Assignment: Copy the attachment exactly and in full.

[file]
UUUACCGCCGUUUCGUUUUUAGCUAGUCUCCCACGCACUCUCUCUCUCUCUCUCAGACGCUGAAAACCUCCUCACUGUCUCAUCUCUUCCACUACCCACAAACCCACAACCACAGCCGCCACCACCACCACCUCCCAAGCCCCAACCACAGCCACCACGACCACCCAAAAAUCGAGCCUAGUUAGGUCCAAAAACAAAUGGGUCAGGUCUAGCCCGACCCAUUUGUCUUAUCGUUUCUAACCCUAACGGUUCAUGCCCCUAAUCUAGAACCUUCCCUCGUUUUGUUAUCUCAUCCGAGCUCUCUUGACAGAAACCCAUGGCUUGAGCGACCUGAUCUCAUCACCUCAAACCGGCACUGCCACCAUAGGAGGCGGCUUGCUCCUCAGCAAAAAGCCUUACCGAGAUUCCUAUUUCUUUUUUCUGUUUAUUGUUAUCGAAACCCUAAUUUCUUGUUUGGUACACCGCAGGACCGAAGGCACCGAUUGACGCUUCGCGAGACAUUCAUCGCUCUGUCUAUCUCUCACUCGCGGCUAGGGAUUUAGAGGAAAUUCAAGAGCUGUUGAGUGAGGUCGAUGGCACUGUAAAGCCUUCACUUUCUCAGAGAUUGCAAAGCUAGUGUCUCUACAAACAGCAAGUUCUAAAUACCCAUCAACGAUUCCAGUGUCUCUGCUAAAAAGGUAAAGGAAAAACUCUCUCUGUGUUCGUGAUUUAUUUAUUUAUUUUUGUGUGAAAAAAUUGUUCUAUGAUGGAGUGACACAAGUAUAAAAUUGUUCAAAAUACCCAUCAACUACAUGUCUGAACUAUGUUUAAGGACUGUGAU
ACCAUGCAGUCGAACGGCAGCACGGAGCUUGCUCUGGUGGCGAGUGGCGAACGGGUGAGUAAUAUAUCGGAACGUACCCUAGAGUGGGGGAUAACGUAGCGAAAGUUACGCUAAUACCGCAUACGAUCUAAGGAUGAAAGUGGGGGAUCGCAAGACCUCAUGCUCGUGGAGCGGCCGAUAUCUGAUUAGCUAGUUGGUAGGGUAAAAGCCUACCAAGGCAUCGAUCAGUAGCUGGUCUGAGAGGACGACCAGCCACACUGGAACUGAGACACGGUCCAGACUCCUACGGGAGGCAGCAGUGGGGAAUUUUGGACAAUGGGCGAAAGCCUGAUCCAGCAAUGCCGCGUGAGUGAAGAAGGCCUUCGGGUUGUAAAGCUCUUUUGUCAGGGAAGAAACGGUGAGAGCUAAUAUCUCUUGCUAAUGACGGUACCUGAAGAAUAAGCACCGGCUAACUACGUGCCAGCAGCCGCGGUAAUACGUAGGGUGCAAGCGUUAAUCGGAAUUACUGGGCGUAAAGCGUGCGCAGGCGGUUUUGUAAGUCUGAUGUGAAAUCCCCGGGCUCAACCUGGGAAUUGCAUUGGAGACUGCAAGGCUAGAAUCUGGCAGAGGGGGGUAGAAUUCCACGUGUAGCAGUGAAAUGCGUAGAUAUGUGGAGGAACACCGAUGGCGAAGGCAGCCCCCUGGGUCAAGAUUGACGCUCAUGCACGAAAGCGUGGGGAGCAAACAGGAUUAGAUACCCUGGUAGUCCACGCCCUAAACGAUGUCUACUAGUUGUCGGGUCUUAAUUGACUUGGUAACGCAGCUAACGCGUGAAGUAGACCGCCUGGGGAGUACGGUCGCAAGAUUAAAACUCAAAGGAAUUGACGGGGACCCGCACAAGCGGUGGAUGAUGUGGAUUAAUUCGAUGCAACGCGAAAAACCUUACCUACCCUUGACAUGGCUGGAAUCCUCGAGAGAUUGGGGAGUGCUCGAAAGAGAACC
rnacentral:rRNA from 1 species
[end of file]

UUUACCGCCGUUUCGUUUUUAGCUAGUCUCCCACGCACUCUCUCUCUCUCUCUCAGACGCUGAAAACCUCCUCACUGUCUCAUCUCUUCCACUACCCACAAACCCACAACCACAGCCGCCACCACCACCACCUCCCAAGCCCCAACCACAGCCACCACGACCACCCAAAAAUCGAGCCUAGUUAGGUCCAAAAACAAAUGGGUCAGGUCUAGCCCGACCCAUUUGUCUUAUCGUUUCUAACCCUAACGGUUCAUGCCCCUAAUCUAGAACCUUCCCUCGUUUUGUUAUCUCAUCCGAGCUCUCUUGACAGAAACCCAUGGCUUGAGCGACCUGAUCUCAUCACCUCAAACCGGCACUGCCACCAUAGGAGGCGGCUUGCUCCUCAGCAAAAAGCCUUACCGAGAUUCCUAUUUCUUUUUUCUGUUUAUUGUUAUCGAAACCCUAAUUUCUUGUUUGGUACACCGCAGGACCGAAGGCACCGAUUGACGCUUCGCGAGACAUUCAUCGCUCUGUCUAUCUCUCACUCGCGGCUAGGGAUUUAGAGGAAAUUCAAGAGCUGUUGAGUGAGGUCGAUGGCACUGUAAAGCCUUCACUUUCUCAGAGAUUGCAAAGCUAGUGUCUCUACAAACAGCAAGUUCUAAAUACCCAUCAACGAUUCCAGUGUCUCUGCUAAAAAGGUAAAGGAAAAACUCUCUCUGUGUUCGUGAUUUAUUUAUUUAUUUUUGUGUGAAAAAAUUGUUCUAUGAUGGAGUGACACAAGUAUAAAAUUGUUCAAAAUACCCAUCAACUACAUGUCUGAACUAUGUUUAAGGACUGUGAU
ACCAUGCAGUCGAACGGCAGCACGGAGCUUGCUCUGGUGGCGAGUGGCGAACGGGUGAGUAAUAUAUCGGAACGUACCCUAGAGUGGGGGAUAACGUAGCGAAAGUUACGCUAAUACCGCAUACGAUCUAAGGAUGAAAGUGGGGGAUCGCAAGACCUCAUGCUCGUGGAGCGGCCGAUAUCUGAUUAGCUAGUUGGUAGGGUAAAAGCCUACCAAGGCAUCGAUCAGUAGCUGGUCUGAGAGGACGACCAGCCACACUGGAACUGAGACACGGUCCAGACUCCUACGGGAGGCAGCAGUGGGGAAUUUUGGACAAUGGGCGAAAGCCUGAUCCAGCAAUGCCGCGUGAGUGAAGAAGGCCUUCGGGUUGUAAAGCUCUUUUGUCAGGGAAGAAACGGUGAGAGCUAAUAUCUCUUGCUAAUGACGGUACCUGAAGAAUAAGCACCGGCUAACUACGUGCCAGCAGCCGCGGUAAUACGUAGGGUGCAAGCGUUAAUCGGAAUUACUGGGCGUAAAGCGUGCGCAGGCGGUUUUGUAAGUCUGAUGUGAAAUCCCCGGGCUCAACCUGGGAAUUGCAUUGGAGACUGCAAGGCUAGAAUCUGGCAGAGGGGGGUAGAAUUCCACGUGUAGCAGUGAAAUGCGUAGAUAUGUGGAGGAACACCGAUGGCGAAGGCAGCCCCCUGGGUCAAGAUUGACGCUCAUGCACGAAAGCGUGGGGAGCAAACAGGAUUAGAUACCCUGGUAGUCCACGCCCUAAACGAUGUCUACUAGUUGUCGGGUCUUAAUUGACUUGGUAACGCAGCUAACGCGUGAAGUAGACCGCCUGGGGAGUACGGUCGCAAGAUUAAAACUCAAAGGAAUUGACGGGGACCCGCACAAGCGGUGGAUGAUGUGGAUUAAUUCGAUGCAACGCGAAAAACCUUACCUACCCUUGACAUGGCUGGAAUCCUCGAGAGAUUGGGGAGUGCUCGAAAGAGAACC
rnacentral:rRNA from 1 species